Otterdam is a floating garden with common and rare indigenous water and swamp plants, which is cyclical; its structure biodegrades over 1 or 2 years. This project explores the gap between Dutch watermanagement and our horticultural practice (gardens and parks); unlike the Aztec chinampas or indonesian chrimp gardens the Dutch have never really developed a culture of watergardening. Some initiatives are starting in seaweed faming, butour freshwater ecosystems are relatively unexplored. Project aims: exploring animal wisdom as guide to gardening and ecological practices, exploring ghosts (Tsing et all) and hauntology as an active ecological practice, exploring celebration as an ingredient of how we relate to non-humans, creating moments in our culture for celebrating our connections to other forms of life.

>> More: Otterdam page in Radical City..

Location: Waternatuurtuin, Westerpark, Amsterdam 2023, moving to Amstelpark, 2024.

Machine Wilderness

residency programme at ARTIS Amsterdam Royal zoo

Machine Wilderness ARTIS residency programme

March 2022 / June 2022 field experiments @ ARTIS Amsterdam Royal Zoo and Groote Museum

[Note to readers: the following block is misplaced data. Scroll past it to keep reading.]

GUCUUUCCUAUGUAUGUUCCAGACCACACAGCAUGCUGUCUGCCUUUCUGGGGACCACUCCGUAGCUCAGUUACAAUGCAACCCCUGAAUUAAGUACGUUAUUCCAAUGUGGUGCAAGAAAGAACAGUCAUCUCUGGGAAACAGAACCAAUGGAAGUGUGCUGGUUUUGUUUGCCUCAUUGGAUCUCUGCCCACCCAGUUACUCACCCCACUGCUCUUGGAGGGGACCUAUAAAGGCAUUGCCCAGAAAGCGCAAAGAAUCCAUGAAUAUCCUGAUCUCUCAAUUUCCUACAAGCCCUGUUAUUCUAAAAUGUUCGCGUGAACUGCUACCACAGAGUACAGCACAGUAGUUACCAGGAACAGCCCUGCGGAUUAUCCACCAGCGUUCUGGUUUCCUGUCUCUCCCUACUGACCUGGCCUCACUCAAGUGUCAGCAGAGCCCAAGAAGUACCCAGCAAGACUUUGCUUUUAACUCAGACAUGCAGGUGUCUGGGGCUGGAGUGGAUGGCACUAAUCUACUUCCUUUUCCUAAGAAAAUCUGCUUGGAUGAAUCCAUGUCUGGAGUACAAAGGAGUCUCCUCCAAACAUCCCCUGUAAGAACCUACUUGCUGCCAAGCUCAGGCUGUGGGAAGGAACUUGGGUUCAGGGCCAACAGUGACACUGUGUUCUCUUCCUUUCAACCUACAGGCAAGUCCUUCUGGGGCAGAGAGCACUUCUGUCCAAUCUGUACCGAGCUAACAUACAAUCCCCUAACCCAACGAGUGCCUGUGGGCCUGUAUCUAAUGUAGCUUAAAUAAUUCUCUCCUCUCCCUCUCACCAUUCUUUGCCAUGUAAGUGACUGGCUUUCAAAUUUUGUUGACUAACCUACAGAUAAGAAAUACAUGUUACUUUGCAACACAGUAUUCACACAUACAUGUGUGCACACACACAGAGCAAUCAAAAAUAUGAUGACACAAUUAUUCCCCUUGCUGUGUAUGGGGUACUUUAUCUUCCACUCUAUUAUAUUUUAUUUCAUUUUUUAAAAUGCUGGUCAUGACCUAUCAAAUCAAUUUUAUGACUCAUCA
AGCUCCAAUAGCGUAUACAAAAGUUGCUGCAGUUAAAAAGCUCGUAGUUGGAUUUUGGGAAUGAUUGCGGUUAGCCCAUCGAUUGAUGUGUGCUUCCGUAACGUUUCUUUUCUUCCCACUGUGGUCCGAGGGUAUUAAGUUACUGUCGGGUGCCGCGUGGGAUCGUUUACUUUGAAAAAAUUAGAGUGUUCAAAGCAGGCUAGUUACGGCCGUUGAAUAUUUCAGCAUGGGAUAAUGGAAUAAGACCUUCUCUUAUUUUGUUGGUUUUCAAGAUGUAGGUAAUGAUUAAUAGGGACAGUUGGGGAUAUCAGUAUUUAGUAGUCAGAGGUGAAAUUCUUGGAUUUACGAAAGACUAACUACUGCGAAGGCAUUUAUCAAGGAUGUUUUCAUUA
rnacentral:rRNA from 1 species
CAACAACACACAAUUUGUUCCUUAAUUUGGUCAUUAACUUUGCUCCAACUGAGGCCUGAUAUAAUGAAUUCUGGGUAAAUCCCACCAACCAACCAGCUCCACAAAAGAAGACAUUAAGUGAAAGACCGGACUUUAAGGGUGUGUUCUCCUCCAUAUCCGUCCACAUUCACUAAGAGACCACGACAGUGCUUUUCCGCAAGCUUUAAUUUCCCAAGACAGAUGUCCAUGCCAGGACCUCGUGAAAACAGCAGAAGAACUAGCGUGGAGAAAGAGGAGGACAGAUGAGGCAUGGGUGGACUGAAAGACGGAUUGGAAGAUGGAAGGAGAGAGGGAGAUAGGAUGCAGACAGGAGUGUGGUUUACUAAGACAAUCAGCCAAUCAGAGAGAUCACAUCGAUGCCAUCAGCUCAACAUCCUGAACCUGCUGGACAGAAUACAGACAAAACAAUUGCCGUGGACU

Residents: Driessens & Verstappen, Heather Barnett, Thomas Thwaites, Ivan Henriques, Antti Tenetz, Špela Petrič and Ian Ingram.

Machine Wilderness is an artistic fieldresearch programme exploring new relationships between people, our technologies and the natural world. Machines have become an intrinsic part of our world (according to some a second nature). But their presence is highly disruptive to the worlds of other beings on land, in the seas and skies. How can technologies relate more symbiotically with other living beings?

Residency programme: In 2022, seven artists join the Machine Wilderness residency programme exploring the rich and diverse worlds of animals, plants and microbes in ARTIS and MICROPIA. From March till June artists will each be experimenting for a number of weeks in the park to get closer to the lives of other creatures and reveal hidden worlds. Visitors can see them at work during their research or learn more in artists' presentations. By exploring the relations between technology and other life forms we investigate how animals and plants share signals, how they learn, set boundaries, or organize their lives. Through experiments and prototypes we try to find ways to engage with their worlds more deeply. Can machines help us rejoin the great conversation with life?